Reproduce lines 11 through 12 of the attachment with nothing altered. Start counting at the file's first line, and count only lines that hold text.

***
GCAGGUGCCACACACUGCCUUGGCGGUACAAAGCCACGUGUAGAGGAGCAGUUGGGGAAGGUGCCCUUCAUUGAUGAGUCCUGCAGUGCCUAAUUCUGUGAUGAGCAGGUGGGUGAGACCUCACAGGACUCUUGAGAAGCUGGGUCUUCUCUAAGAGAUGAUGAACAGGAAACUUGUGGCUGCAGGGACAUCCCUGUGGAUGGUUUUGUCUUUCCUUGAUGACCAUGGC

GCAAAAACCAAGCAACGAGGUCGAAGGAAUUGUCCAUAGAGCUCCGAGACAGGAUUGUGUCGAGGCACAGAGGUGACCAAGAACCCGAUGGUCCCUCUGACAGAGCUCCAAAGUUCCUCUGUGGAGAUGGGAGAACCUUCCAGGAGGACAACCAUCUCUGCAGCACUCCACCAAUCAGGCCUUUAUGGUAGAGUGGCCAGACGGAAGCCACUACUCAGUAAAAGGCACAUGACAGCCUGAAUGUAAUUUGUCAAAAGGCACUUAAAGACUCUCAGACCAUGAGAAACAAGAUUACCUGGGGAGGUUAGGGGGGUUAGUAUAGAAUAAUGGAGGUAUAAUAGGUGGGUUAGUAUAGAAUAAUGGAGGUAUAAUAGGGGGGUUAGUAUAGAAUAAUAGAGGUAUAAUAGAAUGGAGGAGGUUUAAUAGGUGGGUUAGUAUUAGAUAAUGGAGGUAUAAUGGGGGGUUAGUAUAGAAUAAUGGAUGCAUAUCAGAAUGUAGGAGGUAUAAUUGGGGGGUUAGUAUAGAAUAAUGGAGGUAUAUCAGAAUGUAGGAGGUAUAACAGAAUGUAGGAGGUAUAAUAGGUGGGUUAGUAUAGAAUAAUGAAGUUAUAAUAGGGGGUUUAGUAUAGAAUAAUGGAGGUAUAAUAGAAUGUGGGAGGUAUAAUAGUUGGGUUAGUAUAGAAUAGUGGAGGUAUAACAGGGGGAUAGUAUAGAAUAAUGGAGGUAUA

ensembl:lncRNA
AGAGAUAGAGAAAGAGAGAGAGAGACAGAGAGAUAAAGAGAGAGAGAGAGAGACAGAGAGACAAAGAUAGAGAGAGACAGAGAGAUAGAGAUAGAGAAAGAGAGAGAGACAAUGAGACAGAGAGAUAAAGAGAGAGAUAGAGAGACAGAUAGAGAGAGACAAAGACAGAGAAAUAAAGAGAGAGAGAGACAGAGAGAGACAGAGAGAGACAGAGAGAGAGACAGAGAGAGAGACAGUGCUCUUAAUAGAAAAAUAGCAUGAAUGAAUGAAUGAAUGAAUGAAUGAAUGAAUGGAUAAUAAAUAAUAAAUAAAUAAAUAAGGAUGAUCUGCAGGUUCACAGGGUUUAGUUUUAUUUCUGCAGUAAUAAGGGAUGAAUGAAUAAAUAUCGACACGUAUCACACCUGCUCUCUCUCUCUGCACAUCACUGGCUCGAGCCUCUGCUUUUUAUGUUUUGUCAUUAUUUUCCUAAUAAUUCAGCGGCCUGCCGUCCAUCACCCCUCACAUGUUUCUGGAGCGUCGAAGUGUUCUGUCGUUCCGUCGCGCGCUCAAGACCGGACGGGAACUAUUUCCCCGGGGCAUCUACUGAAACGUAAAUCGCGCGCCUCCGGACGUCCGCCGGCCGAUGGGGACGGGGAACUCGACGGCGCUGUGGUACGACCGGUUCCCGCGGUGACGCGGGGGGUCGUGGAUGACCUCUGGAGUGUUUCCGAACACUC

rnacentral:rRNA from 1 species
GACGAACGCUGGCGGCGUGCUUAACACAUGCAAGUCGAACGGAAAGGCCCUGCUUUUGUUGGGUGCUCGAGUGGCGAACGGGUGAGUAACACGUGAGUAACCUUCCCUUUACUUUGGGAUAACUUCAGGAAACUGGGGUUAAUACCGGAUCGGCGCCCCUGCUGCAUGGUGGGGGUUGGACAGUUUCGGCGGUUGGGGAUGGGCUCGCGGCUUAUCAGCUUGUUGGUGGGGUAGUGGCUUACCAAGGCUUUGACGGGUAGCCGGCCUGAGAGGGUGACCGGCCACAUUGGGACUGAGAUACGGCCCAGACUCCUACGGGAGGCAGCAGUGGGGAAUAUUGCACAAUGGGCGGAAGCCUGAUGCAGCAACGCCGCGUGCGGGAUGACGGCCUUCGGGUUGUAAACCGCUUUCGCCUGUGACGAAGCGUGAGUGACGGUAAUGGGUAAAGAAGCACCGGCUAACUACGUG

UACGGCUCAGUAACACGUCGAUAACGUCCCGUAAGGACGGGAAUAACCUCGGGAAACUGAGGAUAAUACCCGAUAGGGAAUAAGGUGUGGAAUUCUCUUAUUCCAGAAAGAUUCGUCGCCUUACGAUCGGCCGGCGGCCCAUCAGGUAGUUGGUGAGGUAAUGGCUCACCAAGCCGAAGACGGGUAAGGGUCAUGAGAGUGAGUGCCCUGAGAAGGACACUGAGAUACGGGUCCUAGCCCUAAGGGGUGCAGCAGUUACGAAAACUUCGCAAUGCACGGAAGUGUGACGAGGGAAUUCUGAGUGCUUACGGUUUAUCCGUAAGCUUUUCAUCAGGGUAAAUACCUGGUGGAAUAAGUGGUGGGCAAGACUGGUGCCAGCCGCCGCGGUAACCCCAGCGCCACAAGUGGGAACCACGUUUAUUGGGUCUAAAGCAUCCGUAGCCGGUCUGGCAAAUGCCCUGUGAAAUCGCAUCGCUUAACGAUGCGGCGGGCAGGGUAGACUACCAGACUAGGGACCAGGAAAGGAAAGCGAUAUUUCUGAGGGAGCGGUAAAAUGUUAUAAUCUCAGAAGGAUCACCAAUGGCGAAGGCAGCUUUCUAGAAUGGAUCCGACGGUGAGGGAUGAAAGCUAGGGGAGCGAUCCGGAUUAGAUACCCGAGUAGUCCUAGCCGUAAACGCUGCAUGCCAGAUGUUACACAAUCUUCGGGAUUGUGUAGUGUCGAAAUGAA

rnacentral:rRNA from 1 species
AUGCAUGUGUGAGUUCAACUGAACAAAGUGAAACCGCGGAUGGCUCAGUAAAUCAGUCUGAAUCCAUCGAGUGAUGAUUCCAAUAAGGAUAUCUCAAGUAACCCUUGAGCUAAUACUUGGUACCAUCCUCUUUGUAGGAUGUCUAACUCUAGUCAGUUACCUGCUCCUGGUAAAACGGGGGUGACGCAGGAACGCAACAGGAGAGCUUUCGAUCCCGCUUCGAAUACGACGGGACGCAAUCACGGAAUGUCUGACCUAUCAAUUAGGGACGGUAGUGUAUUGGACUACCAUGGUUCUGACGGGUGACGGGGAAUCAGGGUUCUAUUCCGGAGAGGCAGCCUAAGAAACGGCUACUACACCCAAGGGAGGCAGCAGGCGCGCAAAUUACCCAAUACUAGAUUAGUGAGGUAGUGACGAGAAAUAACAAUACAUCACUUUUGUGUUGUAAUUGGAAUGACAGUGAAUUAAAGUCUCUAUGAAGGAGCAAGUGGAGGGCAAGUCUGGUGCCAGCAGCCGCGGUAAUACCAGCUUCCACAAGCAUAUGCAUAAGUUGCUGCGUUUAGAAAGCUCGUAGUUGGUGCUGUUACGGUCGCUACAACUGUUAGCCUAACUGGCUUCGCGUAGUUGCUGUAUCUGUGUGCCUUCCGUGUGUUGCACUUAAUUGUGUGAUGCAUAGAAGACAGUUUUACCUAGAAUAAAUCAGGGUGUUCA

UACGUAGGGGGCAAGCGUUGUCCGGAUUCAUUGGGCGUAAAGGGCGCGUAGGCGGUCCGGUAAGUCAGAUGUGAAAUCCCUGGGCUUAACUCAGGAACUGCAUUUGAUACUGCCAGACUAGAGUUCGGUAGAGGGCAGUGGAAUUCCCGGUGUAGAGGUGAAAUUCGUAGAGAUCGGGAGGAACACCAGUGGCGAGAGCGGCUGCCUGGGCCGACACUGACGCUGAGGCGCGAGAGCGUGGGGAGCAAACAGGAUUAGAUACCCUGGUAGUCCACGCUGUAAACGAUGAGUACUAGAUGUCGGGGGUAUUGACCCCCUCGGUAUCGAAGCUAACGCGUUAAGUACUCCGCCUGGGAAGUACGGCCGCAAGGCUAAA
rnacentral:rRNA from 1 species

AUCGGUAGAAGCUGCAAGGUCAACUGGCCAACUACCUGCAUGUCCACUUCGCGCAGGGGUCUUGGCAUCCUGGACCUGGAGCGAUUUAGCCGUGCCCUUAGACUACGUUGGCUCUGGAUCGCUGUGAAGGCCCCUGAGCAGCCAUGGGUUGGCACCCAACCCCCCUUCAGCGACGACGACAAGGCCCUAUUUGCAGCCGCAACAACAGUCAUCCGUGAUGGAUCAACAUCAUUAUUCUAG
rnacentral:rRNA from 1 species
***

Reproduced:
rnacentral:rRNA from 1 species

AUCGGUAGAAGCUGCAAGGUCAACUGGCCAACUACCUGCAUGUCCACUUCGCGCAGGGGUCUUGGCAUCCUGGACCUGGAGCGAUUUAGCCGUGCCCUUAGACUACGUUGGCUCUGGAUCGCUGUGAAGGCCCCUGAGCAGCCAUGGGUUGGCACCCAACCCCCCUUCAGCGACGACGACAAGGCCCUAUUUGCAGCCGCAACAACAGUCAUCCGUGAUGGAUCAACAUCAUUAUUCUAG